Equal Pay Day is Tuesday, April 4, 2017.
This day originated with the National Committee on Pay Equity in 1996. April 4th symbolizes how far into the new year women must work to earn what men earned in the previous year. In the U.S., women earn around 80 cents for every dollar men make, though results vary when you break them down by industry and other factors. But no matter how you run the numbers, the pay gap in finance is one of the widest.
Breaking Down the Gap in the Finance Industry
A 2016 study from Glassdoor found that the financial industry has one of the highest gender pay gaps. Even after accounting for factors such as age, education, experience, location, occupation, job title, and company, the wage gap remains. In finance, the pay gap is 6.4 percent – the seventh highest gap out of the 25 industries analyzed.
One of the arguments used to explain the pay gap is choice. Some point out that women choose to enter lower-paying jobs, trading big salaries for shorter working hours and greater flexibility. While that may be true for some women in some jobs, choice does not tell the whole story. Even when women choose big careers in lucrative fields, the pay gap remains.
Women in Leadership Roles
Many factors contribute to the gender pay gap, but the lack of women in leadership roles is discouraging. A 2016 study by the CFA Institute revealed that women in finance hold only 9.8 percent of CEO roles, 10.2 percent of CIO roles, and 11.4 percent of CFO positions. Leaders tend to promote people who think and look like them, so when few women occupy leadership positions, even fewer women see promotion.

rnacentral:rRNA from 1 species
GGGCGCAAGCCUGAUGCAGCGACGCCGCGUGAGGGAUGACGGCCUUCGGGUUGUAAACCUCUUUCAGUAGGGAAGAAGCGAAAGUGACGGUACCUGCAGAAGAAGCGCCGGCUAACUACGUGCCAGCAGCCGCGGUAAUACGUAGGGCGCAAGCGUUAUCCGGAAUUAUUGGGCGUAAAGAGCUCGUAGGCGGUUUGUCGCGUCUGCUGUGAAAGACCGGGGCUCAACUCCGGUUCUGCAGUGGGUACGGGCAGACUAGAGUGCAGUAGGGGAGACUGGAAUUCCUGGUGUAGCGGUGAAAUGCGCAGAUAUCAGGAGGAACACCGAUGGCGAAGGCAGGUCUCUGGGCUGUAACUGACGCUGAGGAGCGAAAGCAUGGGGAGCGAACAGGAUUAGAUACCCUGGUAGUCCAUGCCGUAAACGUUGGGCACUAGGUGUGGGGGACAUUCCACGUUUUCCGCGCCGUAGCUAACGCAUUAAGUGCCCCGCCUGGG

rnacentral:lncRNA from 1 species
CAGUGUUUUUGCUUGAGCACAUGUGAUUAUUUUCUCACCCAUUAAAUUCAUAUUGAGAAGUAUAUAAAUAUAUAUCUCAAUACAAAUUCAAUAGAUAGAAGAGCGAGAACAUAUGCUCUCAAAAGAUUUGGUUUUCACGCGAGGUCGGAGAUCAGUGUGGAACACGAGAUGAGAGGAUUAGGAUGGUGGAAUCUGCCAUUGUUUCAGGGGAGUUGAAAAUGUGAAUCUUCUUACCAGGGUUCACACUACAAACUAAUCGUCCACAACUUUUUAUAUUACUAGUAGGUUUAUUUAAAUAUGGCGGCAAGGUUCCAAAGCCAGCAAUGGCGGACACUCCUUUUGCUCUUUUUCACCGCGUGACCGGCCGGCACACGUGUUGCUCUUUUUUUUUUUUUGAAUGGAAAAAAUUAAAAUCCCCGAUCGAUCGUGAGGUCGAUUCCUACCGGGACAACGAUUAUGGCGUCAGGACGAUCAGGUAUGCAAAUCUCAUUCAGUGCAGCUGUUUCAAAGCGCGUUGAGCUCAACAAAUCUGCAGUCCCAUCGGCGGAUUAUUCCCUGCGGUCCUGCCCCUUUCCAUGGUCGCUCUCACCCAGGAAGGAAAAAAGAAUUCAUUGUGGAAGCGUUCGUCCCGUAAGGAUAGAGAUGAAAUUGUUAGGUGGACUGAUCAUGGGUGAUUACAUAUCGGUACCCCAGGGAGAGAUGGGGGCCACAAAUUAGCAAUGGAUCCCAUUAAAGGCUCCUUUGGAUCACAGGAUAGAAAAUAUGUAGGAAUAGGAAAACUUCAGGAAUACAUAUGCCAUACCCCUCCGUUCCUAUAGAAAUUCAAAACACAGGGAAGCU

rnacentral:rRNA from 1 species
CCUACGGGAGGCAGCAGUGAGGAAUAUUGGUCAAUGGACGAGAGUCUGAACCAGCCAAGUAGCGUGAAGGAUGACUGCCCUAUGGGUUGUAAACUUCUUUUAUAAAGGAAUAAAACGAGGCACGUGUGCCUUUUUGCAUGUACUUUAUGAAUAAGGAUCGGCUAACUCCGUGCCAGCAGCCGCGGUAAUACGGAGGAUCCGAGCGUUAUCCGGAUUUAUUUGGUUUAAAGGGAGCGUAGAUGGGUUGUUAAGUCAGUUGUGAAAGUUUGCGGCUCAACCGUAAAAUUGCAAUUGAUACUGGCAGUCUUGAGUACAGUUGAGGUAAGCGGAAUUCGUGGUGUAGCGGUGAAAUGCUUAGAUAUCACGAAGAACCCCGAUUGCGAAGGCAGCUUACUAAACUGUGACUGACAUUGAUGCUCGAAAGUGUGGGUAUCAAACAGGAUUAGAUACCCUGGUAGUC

Since 1963, the Equal Pay Act has made it illegal for companies to pay men more than women for the same work. But the burden is on female employees to bring lawsuits showing discrimination. This action often comes with its own set of consequences. So what else can we do to close the pay gap?
The pay gap is the smallest for younger women and those who never married. The ‘motherhood penalty’ recognizes that moms are more likely to take time off, work reduced hours, and even quit work to take care of children. And their wages suffer. Employers should instill policies to support all parents. Policies like paid family leave, flexible hours, and supported child care help lighten the load for employees with children.
When employers are transparent about salaries and wages, all employees have more negotiating power and pay disparity cannot remain hidden. In 2016, President Obama signed a Fair Pay and Safe Workplaces executive order to require companies with 100 employees or more to report to the federal government how much they pay employees, broken down by race, gender, and ethnicity. However, earlier this year the Senate voted to scrap that rule and President Trump is expected to sign a repeal any day.
The National Committee on Pay Equity is encouraging supporters to wear red on April 4th to symbolize how far women and minorities are “in the red” with their pay. It’s also a good time to contact your House Representatives and Senators to tell them how important equal pay is to you.
Finally, if you are in a position to make or influence hiring decisions in your company, there is one simple action you can take: hire more women.